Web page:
Thanks for joining us. Kerri Miller is starting up with her intro of the subject. First the news.
Lots of attention on binge drinking -- but numbers aren't going down. What to do?
Around 20 colleges have campus recover programs, Host Kerri Miller says.
How big is drinking on your campus? What is the administration doing about it? Is it tough to stay sober on campus? Let us know, Kerri says.
Introducing the guests, starting with Harris.
KM: So many campuses do little. Why is your campus doing this?
KH: Our program has been here for 25 years or so.
(By the way, programs I've read about include: Texas Tech, Augsburg, St. Cloud State, University of Michigan, Penn State, College of the Ozarks (Missouri), Rutgers, University of Vermont. Programs are planned for Southern Methodist University (Texas), and New York University (with the help of Minnesota’s Hazelden Addiction Treatment Center))
KH: Students told us they couldn't study and stay sober. It was just too tough.
KH: Parents are a little nervous at first. They've gone through so much with their kids, and they're not sure they want to let them loose on campus.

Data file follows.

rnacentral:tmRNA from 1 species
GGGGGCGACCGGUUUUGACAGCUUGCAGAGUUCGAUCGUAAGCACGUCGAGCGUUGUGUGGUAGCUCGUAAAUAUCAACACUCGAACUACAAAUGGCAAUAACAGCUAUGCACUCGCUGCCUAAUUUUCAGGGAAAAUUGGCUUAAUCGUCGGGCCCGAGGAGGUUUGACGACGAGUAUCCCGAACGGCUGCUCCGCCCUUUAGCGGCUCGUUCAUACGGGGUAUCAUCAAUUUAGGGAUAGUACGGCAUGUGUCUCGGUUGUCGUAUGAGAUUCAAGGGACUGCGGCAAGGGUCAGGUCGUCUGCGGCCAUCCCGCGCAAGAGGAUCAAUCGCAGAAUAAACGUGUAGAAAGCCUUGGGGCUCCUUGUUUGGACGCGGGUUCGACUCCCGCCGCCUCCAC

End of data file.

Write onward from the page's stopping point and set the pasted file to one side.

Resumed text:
Caller: In school for 5 years, 23 years old. See a lot of binge drinking with my friends, but they grow out of it. You're right, it's an atmosphere that enables those who DON'T grow out of it. It's hard to stay apart from it.
You get ridiculed, she says. And you hear about all the cool things that happened on the weekend among the drinkers.
KM: How do you address that sense of isolation?
KH: The isolation is the part we fight. That's the focus of the program. It provides students with a place where they feel they belong. It's normal college -- minus the chemicals. It's a tough thing to do in a large university, especially one with 30,000 students.
Caller: I saw a lot of alcohol abuse among students -- and carrying the partying over into every part of school life.
KM: That Monday morning story-telling is tough. What does Texas Tech do about it?
KH: Our students do everything that all college students do -- games, BBQs, parties, gatherings -- just without the alcohol.
KH: Remember -- A lot of students DON'T REMEMBER what happened on Saturday night.
KM: How do you intervene at Texas Tech?
KH: Our presence is known on campus, but in a very subtle way we've been able to be good role models.
KH: We've had some influence. Our students talk about themselves and recover in class. They join clubs -- so I think they do influence behavior in a subtle way. But it's not an active intervention role.
(I'd love to hear about the fraternity and sorority angle)
Bringing in Ken Winters now.